Cryptocurrency17 hours ago

OpenSea launches ‘Seaport’ ​​marketplace protocol allowing NFT bartering

OpenSea launches ‘Seaport’ ​​marketplace protocol allowing NFT bartering Nonfungible token marketplace OpenSea has announced the launch of a Web3 marketplace...

Cryptocurrency20 hours ago

Crypto gaming and the monkey run: How we should build the future of GameFi

Crypto gaming and the monkey run: How we should build the future of GameFi You’ve seen it before. An amazingly...

Cryptocurrency20 hours ago

Altcoin prices briefly rebounded, but derivatives metrics predict worsening conditions

Altcoin prices briefly rebounded, but derivatives metrics predict worsening conditions On May 12, the total crypto market capitalization reached its...

Cryptocurrency20 hours ago

3K+ Bit Digital hosting partner’s crypto miners go offline after explosion and fire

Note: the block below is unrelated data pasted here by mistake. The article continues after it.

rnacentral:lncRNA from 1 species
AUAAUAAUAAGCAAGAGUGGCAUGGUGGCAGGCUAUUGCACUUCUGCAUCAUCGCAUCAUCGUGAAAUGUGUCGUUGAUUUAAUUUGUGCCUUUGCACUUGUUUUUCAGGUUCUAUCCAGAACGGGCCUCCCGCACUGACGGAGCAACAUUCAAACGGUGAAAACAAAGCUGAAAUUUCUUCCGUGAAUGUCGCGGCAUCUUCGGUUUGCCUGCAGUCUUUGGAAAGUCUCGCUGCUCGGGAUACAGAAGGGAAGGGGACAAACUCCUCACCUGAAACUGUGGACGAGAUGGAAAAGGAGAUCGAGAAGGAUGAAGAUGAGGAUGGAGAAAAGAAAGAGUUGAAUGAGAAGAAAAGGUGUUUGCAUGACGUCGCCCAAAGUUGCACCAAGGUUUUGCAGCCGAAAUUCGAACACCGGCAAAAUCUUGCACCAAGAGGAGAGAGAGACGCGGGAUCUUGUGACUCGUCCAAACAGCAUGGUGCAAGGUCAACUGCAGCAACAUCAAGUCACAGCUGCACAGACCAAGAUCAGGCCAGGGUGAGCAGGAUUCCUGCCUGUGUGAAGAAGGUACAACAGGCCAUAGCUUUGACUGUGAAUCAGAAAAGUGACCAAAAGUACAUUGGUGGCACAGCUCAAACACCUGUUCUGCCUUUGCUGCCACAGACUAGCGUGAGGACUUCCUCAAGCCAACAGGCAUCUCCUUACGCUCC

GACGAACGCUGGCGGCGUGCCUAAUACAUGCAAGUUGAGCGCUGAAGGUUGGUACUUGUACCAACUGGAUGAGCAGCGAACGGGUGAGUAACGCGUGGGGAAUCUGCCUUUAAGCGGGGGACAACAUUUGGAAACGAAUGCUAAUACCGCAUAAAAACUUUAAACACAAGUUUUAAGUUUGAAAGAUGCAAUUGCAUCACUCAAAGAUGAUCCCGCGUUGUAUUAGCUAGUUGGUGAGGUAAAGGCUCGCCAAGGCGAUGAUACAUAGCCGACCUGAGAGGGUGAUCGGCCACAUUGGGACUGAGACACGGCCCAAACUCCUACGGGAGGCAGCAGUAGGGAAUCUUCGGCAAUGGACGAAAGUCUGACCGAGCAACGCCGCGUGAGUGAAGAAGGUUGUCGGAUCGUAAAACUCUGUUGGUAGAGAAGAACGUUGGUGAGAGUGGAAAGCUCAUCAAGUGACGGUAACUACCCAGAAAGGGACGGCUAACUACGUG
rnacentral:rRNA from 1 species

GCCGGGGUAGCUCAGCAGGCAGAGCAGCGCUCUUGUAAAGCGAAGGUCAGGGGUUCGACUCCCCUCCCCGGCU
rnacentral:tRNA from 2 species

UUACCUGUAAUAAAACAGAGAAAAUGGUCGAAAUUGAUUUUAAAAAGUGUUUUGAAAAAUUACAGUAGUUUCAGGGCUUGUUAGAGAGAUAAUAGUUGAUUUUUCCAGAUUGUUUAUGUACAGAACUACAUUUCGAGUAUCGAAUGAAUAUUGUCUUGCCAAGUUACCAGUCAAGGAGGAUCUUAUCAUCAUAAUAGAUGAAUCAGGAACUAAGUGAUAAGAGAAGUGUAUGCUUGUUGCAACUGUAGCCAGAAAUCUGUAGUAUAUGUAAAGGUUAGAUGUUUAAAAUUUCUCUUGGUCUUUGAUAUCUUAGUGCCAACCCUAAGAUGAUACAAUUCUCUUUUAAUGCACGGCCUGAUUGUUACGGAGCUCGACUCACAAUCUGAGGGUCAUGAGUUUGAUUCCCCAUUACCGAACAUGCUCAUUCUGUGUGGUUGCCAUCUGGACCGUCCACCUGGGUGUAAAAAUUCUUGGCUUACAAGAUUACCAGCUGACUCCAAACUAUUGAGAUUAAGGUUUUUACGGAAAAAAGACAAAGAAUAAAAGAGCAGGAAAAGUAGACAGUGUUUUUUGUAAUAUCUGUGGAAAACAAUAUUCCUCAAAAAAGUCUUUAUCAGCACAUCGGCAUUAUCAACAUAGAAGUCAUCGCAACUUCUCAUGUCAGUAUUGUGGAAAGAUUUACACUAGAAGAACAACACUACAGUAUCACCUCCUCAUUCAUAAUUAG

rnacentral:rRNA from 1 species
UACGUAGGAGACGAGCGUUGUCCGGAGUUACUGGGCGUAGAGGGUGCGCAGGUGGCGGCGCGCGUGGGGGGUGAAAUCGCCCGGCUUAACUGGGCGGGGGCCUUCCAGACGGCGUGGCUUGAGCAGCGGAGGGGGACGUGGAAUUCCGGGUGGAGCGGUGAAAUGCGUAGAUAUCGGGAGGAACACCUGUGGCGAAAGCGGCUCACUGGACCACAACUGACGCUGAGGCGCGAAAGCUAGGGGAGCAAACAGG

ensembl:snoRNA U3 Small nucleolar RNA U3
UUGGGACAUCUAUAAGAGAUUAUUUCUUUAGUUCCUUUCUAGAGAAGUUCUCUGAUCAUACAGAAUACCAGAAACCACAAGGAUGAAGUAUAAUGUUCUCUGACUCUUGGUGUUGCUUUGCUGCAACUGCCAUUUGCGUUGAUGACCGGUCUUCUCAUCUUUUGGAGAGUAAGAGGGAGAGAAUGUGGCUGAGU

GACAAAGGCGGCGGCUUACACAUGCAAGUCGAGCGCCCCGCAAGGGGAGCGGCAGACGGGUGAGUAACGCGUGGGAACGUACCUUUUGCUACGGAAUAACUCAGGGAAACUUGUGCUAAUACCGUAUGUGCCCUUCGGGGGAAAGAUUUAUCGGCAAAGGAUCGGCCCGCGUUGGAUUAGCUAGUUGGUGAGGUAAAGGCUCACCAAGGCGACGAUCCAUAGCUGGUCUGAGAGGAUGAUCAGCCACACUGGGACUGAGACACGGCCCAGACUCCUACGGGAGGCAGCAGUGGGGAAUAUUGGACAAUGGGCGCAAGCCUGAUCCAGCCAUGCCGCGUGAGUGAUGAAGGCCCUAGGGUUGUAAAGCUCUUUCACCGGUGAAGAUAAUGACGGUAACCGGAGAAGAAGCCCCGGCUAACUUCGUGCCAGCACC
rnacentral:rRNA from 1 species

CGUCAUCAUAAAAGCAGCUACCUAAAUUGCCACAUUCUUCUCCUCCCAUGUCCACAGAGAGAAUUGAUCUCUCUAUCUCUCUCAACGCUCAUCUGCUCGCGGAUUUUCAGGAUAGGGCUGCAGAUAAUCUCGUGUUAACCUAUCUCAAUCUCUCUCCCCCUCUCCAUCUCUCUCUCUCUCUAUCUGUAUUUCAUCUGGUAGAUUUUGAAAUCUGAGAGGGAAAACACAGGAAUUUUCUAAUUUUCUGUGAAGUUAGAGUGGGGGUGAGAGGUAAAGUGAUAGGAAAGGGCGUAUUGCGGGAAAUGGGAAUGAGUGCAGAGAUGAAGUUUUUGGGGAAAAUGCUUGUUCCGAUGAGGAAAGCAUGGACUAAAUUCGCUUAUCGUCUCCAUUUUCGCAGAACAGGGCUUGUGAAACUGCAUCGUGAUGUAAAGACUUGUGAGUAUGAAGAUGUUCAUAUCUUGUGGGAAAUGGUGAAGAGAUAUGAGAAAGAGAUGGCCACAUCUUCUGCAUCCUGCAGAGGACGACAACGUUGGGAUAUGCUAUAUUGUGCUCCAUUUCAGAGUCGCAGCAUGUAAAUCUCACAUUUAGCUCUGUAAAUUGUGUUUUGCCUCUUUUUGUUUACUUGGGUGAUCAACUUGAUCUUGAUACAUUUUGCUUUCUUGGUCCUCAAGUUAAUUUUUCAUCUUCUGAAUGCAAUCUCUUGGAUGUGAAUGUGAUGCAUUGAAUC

3K+ Bit Digital hosting partner’s crypto miners go offline after explosion and fire New York-headquartered crypto mining firm Bit Digital...

Stock Markets20 hours ago

Siemens Energy launches $4.3 billion bid for remaining Siemens Gamesa stake

© Reuters. FILE PHOTO: A model of a wind turbine with the Siemens Gamesa logo is displayed outside the annual...

Cryptocurrency21 hours ago

Price analysis 5/20: BTC, ETH, BNB, XRP, ADA, SOL, DOGE, DOT, AVAX, SHIB

Price analysis 5/20: BTC, ETH, BNB, XRP, ADA, SOL, DOGE, DOT, AVAX, SHIB Bitcoin’s (BTC) tight correlation with the legacy...

World21 hours ago

New York judge approves congressional map, throwing Democrats into disarray

© Reuters. FILE PHOTO: People fill out ballots during voting in the New York primary election at a polling site...

Trending